Detailed biographies of 177 of the most infamous assassins, serial killers, frauds, gangsters, murderers, terrorists, thieves, and traitors in American History.
American Villains explores the lives, deeds and punishments of 177 of the most infamous villains of our time. What makes this set unique is that it focuses on U.S. criminals who are not generally covered in American biographical surveys. While there are many books that cover fictional villains in videogames, comic-books, and movies, few cover real villains of history in one convenient set.
The essays in American Villains have been selected from our Great Lives from History: Notorious Lives set. Each essay has been updated and reedited for accuracy. A broad range of personages is covered, including such notorious names as Benedict Arnold, Ma Barker, David Berkowitz, Al Capone, John Dillinger, Nathan Bedford Forrest, Sam Giancana, John Hinckley Jr., Jim Jones, Meyer Lansky, Timothy McVeigh, Lee Harvey Oswald, Scott Peterson, Julius and Ethel Rosenberg, Sirhan Sirhan, Tokyo Rose, Aileen Wuornos and Giuseppe Zangara.
Categories of Villain include:
Con Artists, Cheats, and Frauds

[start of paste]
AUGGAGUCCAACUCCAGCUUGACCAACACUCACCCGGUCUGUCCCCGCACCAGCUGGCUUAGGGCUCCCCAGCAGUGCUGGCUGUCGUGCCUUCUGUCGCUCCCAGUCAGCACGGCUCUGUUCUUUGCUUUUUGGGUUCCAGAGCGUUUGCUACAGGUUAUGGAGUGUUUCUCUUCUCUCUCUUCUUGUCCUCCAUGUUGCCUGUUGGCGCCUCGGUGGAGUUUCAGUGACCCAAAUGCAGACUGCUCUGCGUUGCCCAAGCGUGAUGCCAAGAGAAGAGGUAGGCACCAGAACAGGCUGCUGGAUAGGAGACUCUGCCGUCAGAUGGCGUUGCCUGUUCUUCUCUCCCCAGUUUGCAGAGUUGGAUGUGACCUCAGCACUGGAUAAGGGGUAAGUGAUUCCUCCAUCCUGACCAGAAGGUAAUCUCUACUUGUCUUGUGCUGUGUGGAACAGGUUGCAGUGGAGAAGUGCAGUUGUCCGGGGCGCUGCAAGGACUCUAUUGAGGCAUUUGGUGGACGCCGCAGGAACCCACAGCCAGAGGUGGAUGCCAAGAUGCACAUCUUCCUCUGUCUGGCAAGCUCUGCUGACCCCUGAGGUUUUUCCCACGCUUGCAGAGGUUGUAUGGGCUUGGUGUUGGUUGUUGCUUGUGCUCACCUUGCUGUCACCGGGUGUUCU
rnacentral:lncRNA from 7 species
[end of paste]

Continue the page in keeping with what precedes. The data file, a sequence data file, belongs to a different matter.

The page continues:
Gangsters and Associates
Murderers and Accused Murderers
Outlaws and Gunslingers
Political Rebels and Revolutionaries
Racists and Hatemongers
Scientists and Doctors
Sexual Predators and Accused Predators
Thieves and Bank Robbers
Traitors and Spies
The essays in this set are approximately 1,000 words in length and are arranged alphabetically. Each essay begins with ready-reference information, including: Name of Villain; Identity (e.g., Spree murderer, Gangster); Born (date and place of birth); Died (date and place of death); Also known as (aliases, nicknames, full and birth names); Major offenses (crimes); Active (period of greatest offenses); Locale (where operated) and Sentence (years in prison, other punishment). "Early Life" is a summary of the upbringing of the villain and entry into crime. "Criminal Career" is a chronological overview of all criminal activities; "Legal Action and Outcome" identifies legal response, trials, sentences and punishments; "Impact" assesses why the person is remembered and what his or her significance is in history and popular culture; and "Further Reading" lists sources for further study.